If you wish to read about what our graduates are up to post-E4A, read more below and find out!
James has an undergraduate degree in economics from Concordia University, Montreal and has graduated with a Masters in Environmental Studies (MES) at York University. His interest lies in Ecological Economics and Indigenous knowledge. As a scholar in the E4A program, he wishes to push the barriers of Ecological Economics as a dynamic, inclusive and interdisciplinary field of study.
Douglas Baxter (York)
Douglas has a Master’s degree in Environmental Studies at York University. He has a bachelor’s degree in Environmental Studies also from York. His area of interest revolves around relationships between firm efficiency, profitability and sustainability in a changing ecological system. Douglas was born and raised on the beautiful island of Jamaica where he lived until the age of 14 before moving to Canada. Unsure of what he wanted to study, he dabbled in anthropology and economics, eventually settling on environmental studies. He enjoys learning about human interaction with the environment, and challenges himself to think of ways to improve our grim environmental situation worldwide. His second area of study would have been anthropology as he is interested in human life and culture. In his spare time, Douglas enjoys playing sports, reading, and attending basketball games and concerts.
Keywords: consumerism, business, corporate-responsibility, economics, profit.
Matthew Burke (McGill)
Matthew Burke is a Ph.D. in Renewable Resources – Environment (May 2019) through the Department of Natural Resource Sciences at McGill University under the supervision of Professors Peter G. Brown (McGill University) and Jennie C. Stephens (Northeastern University), with support from the Social Sciences and Humanities Research Council of Canada, Matthew’s doctoral research focused on socio political and ecological dimensions of renewable energy transition by examining energy democracy in theory and practice, emphasizing groups active in northeastern North America. Matthew holds a Master of Public Administration and Graduate Certificate in Ecological Economics from University of Vermont, a Master of Arts in Environmental Education from University of New Mexico, and a Bachelor of Science in Natural Resources from Ohio State University. Matthew has served as a Research Fellow at The Next System Project, a Graduate Research Fellow at the National Socio-Environmental Synthesis Center, and a participant in the Science Outside the Lab North program for science-policy training.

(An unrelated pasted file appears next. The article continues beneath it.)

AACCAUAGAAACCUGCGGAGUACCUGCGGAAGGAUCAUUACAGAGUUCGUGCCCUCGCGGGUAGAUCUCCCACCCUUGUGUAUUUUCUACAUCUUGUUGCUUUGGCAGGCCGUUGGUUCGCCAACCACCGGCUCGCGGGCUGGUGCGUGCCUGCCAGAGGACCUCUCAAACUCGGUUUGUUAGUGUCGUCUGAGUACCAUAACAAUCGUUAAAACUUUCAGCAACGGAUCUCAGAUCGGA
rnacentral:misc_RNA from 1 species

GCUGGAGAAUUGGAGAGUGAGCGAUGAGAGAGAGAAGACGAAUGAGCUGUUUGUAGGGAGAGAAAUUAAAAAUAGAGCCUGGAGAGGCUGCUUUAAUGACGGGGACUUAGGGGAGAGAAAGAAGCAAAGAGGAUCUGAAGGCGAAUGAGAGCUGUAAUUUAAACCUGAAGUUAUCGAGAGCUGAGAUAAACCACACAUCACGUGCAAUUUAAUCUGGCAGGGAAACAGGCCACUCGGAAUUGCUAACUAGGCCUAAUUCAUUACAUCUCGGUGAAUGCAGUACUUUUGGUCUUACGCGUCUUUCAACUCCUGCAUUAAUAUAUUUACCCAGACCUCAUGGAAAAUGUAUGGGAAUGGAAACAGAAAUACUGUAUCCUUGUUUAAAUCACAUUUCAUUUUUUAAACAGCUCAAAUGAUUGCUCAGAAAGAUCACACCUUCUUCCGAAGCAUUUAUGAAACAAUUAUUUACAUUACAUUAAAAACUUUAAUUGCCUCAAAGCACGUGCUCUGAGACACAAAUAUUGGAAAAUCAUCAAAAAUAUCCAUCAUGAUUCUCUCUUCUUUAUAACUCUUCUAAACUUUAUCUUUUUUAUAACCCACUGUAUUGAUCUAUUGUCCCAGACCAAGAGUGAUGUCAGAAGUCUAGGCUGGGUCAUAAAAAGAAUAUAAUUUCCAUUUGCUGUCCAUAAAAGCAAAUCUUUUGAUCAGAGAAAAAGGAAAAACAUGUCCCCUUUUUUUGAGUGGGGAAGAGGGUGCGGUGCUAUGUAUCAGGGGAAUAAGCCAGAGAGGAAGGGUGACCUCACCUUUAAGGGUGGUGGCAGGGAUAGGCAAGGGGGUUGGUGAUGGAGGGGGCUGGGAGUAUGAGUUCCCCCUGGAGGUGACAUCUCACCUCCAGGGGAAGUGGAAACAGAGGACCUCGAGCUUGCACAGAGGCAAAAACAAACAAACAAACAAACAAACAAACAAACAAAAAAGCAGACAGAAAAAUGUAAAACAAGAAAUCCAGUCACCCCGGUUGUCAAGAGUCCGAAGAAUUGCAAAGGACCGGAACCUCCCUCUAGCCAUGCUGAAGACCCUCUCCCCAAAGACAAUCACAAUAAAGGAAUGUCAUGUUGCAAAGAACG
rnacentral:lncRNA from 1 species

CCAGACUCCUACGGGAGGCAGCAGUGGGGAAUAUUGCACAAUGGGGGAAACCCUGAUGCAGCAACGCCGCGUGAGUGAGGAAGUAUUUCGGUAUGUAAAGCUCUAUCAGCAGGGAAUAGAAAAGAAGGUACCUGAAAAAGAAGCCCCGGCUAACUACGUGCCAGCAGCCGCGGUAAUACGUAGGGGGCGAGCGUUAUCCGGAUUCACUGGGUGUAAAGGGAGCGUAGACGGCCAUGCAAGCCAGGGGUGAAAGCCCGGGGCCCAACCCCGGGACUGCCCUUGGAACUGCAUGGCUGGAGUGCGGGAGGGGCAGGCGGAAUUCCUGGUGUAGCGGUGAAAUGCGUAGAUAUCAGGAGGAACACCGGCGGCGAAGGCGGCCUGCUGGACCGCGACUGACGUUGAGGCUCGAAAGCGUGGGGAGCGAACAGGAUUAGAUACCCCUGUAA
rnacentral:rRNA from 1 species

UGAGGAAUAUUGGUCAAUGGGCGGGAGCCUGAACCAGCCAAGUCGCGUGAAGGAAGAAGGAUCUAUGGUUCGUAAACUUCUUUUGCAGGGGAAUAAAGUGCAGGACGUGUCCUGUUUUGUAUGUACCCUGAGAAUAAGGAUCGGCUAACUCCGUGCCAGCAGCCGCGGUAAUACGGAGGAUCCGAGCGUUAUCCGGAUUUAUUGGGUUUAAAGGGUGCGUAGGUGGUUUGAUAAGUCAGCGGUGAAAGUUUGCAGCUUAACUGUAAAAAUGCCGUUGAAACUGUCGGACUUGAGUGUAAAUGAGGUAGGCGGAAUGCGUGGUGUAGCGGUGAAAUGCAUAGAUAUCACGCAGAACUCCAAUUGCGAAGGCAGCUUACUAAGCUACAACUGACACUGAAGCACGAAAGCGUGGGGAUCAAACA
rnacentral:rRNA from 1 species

Keywords: energy democracy, renewable energy transition, social movements, energy-ecosystem nexus, energy ethics
Molly Fremes (York)
Molly graduated with a Masters in Environmental Studies (MES) from York University in September 2019. Her research was an intersectional approach to supporting socially and ecologically sustainable food systems, tying together political agroecology, ecological economics, privilege/positionality, community organizing and traditional knowledge systems. She is now a project officer at Evergreen in Toronto with the Future Cities program. Her past experiences have included urban agriculture in Shanghai, “open-knowledge” research in Ecuador and cooperative farming in Cuba. She is an active organizer in several Toronto sharing economy and resources distribution projects. In her natural habitat, Molly is most often found at the centre of epic dance parties, surrounded by books she aspires to read, or in the garden.